I know if I have friends in the audience and start to smile a little, they will too. I can then hold their eyes for a little longer before going on to the next smirk or the next nod.

Something in between

I think we all have, with regards to being loquacious, a bell curve of friends. And we tend to be on the quiet end (well, during those covert years). And we notice a lot more how much people do or do not talk.

I think if you asked any of my friends at this point, they’d say I was pretty talkative. Not overly so, but certainly not shy and quiet. Certain coworkers would have a different opinion.

The problem is that as someone who stutters, we tend to focus on those who talk a lot. Either loudly, quickly, confidently, or a combination of those. We think, why not me? I need to be that confident! But we can’t; our voices betray us.

I was out the other day with a friend who talks a lot. Not in a “I like to hear myself talk” kind of way. It’s innocent. He’s curious, he’s friendly, it’s just what he does. I know the deal. I know when he’s at the table he’ll drive the conversation. That’s good.

We were at a store buying something for our sons, and he struck up a conversation with another patron. They talked for a solid 15 minutes as I just stood around. Before I knew it, he was exchanging phone numbers. I thought, is this how fluent people are all the time? No, it’s definitely not.

I think the point is that we shouldn’t get frustrated or down on ourselves in that kind of situation. It’s one end of the bell curve. What I’d like for myself is something in between.

Fine, thanks.

It’s been a while. Not since I stuttered, of course. But a few things have been happening, and I’m still struggling with this blog, a direction, and everything else going on.

Someone came to my desk the other day and asked me how I was doing. It was one of those “good morning” kind of greetings. The one where you’re just sort of expected to say, “good, how are you?” and get on with it. But after I told him I was “fantastic,” he said, “your face tells a different story.” I made a joke about how “dammit, it’s not working any more,” and we moved on. But it really got me to thinking about these quickie exchanges that we have all the time in offices.

I’ve never been one to give a long, detailed answer to “how are you doing,” when it comes from a coworker. That’s not what they want. That’s not the protocol. But then there’s a spectrum of colleague — from person you don’t know at all to person you’d consider a close friend. Although how does someone you don’t know become a friend? Or even get closer? Through these kinds of interactions? I’m wondering if I’ve been subconsciously keeping people at bay because I want to keep the numbers small, or if I just don’t want to talk to them because I know I’ll stutter.

I think there’s a lot of pressure in those small exchanges, too. It’s a fast, straight-forward query. Same as when someone asks you your name. You’re expected to give a quick answer. If you’re not doing well, then yeah, maybe a long sigh and a “well, it could be better,” is fine. Followed by a laugh, because well, let’s not get into why. This is why I always say “yeah, good,” or whatever I can feel is going to be fluent. I never thought to get my facial expression in line as well.

So what’s the path forward on this? Should I slowly give longer and longer answers? Feel out how much time we have to talk? How much I can get out of them as well? I’ve gotten really good at asking other people questions (even though they start with “w,” and I usually stutter on it). At least for me when I get to know people better, my stuttering decreases because my comfort level rises. (not always, but often).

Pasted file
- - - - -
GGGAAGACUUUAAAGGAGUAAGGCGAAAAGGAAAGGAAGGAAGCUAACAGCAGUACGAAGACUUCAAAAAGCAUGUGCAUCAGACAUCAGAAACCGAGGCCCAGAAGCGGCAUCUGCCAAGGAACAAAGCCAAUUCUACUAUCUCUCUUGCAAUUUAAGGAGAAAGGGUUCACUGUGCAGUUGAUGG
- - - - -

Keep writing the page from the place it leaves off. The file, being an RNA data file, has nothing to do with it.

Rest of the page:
Minding the Gap

I’ve been thinking a lot lately about the gap. There’s that space for all of us who stutter — between who we are now and who we think we should be. It covers everything — our job, our spouse, our friends, our relationships, our outlook on life. There’s a gap to be found in them all. How would life be different if I didn’t stutter? If I had been more confident during that interview for the job I didn’t get? If I had asked about a different neighborhood or apartment when I moved into a new town? If I had spoken with my guidance counselor or friends of parents about career choices?

Even people who don’t stutter have these gaps as well. They’re constantly comparing themselves to this that or the other.

Career-wise, I’ve been very good about not ever doing this. It wasn’t terribly hard. My friends who I grew up with basically didn’t have the same college degree as me, nor did they have the same kind of job. They didn’t have the same upbringing, and didn’t have the same goals. We are different, and that’s fine.

But things always change. You find out someone at work is the same age as you, someone who is more charismatic, outgoing, talkative, and ambitious. And you start to wonder. You think that you’ve got all the same tools, all the same opportunities. The same amount of experiences in similar projects, and are now in the same office. So you start to wonder. Is he slightly ahead of me because I’m not more outgoing? Because he can talk a good game? Because people find it easier to talk to him?

This has thrown me off lately because it’s entirely new. I’m trying to handle it by breaking it down into smaller pieces and rationalizing my way out of it. Asking myself, well, sure we’re here in Saudi, and it’s easy for him, but I want to move back to the States sooner than later. And maybe doing the sales thing instead of engineering isn’t really my thing. Maybe a technical job again would be nice.

And even bigger than all of that is how much importance I’ve placed on work. Is that really necessary? Sure, there’s going up and doing a good job and all that, but there’s also extracurriculars to focus on — like this blog, more writing, and doing more stuttering-related things when I get back. It’s all been helping. The gap is getting smaller. I’m going back to, his goals are different than mine. We want different things out of life.